Misinformed attack on the Church
The Editor, Sir:
When I was much younger and used to play football, it was a common saying, 'If you can't play the ball, play the man!' In a recent article I conveyed the statement by the Concerned Church Leaders Group, a body which consists of almost all the churches in Jamaica, in which objections were raised to the proposed implementation of a flexi work week programme, without providing the safeguards of the right to worship, which were agreed to in the national plan formulated in 2003.
Hunter Gray, in an article in The Gleaner of December 28 titled 'Attack on which worship?', instead of indicating the benefits which he felt could be obtained from a flexi work week, launched an attack against the Church in which he declared that the Church was now self-serving, and did not care about the welfare of most of needy citizens.
He stated that the Church must do more than merely give them evidence of things unseen, but must provide them "with the means to make a living". Gray is clearly misled. This is not the main function of the Church, this is the function of the Government. But it is amazing how much the Church has actually done to fulfil this expectation of Mr Gray.
Without doubt, the most important resource which will enable citizens to make a living is education. It is now the role of the Government to provide the financing of the nation's educational system, but what body was it which put the schools and other educational institutions in place so that they can now be financed by the Government?
Let us look at the fact:
Before 1900, every primary school in Jamaica was a Church foundation.
Until today, the main secondary schools were founded by the Church e.g. Kingston College, St Georges College, Calabar, Campion, Ardenne, St Andrews, St Hugh's, St Hilda's, Westwood, Meadowbrook, Clarendon College, Knox, to name only a few.
It was those who do the odd thing called 'worship' who established the first teacher-training institutions - Lady Mico was a devout Christian. Bethlehem, St Josephs, Church Teachers Colleges are all Church foundations. The first person to commence early childhood teacher training was the Rev Madge Saunders, a 'worshipper'.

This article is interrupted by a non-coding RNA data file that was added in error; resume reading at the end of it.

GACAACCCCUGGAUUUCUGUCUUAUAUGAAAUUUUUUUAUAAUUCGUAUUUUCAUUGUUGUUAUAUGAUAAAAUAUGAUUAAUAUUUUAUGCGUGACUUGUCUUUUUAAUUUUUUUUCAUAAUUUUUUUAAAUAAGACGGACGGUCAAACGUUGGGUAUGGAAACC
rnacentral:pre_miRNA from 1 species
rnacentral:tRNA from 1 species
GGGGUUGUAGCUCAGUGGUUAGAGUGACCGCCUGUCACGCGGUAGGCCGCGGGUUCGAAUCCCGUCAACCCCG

At the tertiary level, Knox Community College, Northern Caribbean University and the International University of the Caribbean are Church institutions.
The first skills-training institution was Carron Hall Vocational Institute, established by the Presbyterian Church.
The education of persons with disabilities, the disadvantaged in the society, has been almost entirely the work of the Church - the Salvation Army taught the blind to read and the dumb to speak; the Caribbean Association for the Deaf at Knockpatrick first made the deaf hear and speak through sign language.
With regard to care for the needy in the ghettos of Jamaica, it was the Methodist, Father Hugh Sherlock (who wrote our National Anthem) who established Boys' Town in Trench Town. Girls Town was founded by Christians. The St Andrew Settlement is an Anglican foundation. Father Holung and the Missionaries of the Poor attribute their motivation to One whom they worship. It is Food for the Poor who continues to build houses for the homeless and provide many other kinds of material help for hundreds across Jamaica.
The founder will tell you that it is his relationship with the unseen Christ which brought it into being. To refer to the challenge of Hunter Gray, it is the Salvation Army and countless churches in Jamaica which provide soup kitchens for the poor, breakfasts and lunches for school children, and "feed more than 5,000" every day.
With regard to the link between religion and morals, which organisation has guided and developed the moral values of children, young people and adults more than the Sunday Schools, sabbath schools, Boys and Girls Brigades, Boys Scouts and Girl Guides, youth fellowships, inter-schools cchristian fellowships, Schools Christian Movement, and Inter-Varsity Fellowship, all under the auspices of the Church?
When the burdens of life begin to take their toll on employed as well as unemployed and their lives are falling apart, to where do they turn? It is the counselling services of the Church which have rescued many from abject hopelessness and despair. The unseen is more powerful than the seen.
But physical as well as spiritual health is important. The Church has led the world in establishing hospitals. Here in Jamaica, the Nuttall hospital, St Josephs, and Andrews Memorial hospitals are all Church foundations, not to mention the many free clinics operated by 'worshippers' throughout the island.
I have stated facts. Would Mr Gray be kind enough to indicate the many comparable benefits which would accrue to the society if worship were minimised and flexi work week implemented, using statistics from 'other jurisdictions' as his evidence? Need I add, the ball is now in your part of the field. Please, kick it instead of the Church.
I am, etc.,
Rev EARL THAMES
Concerned Church Leaders Group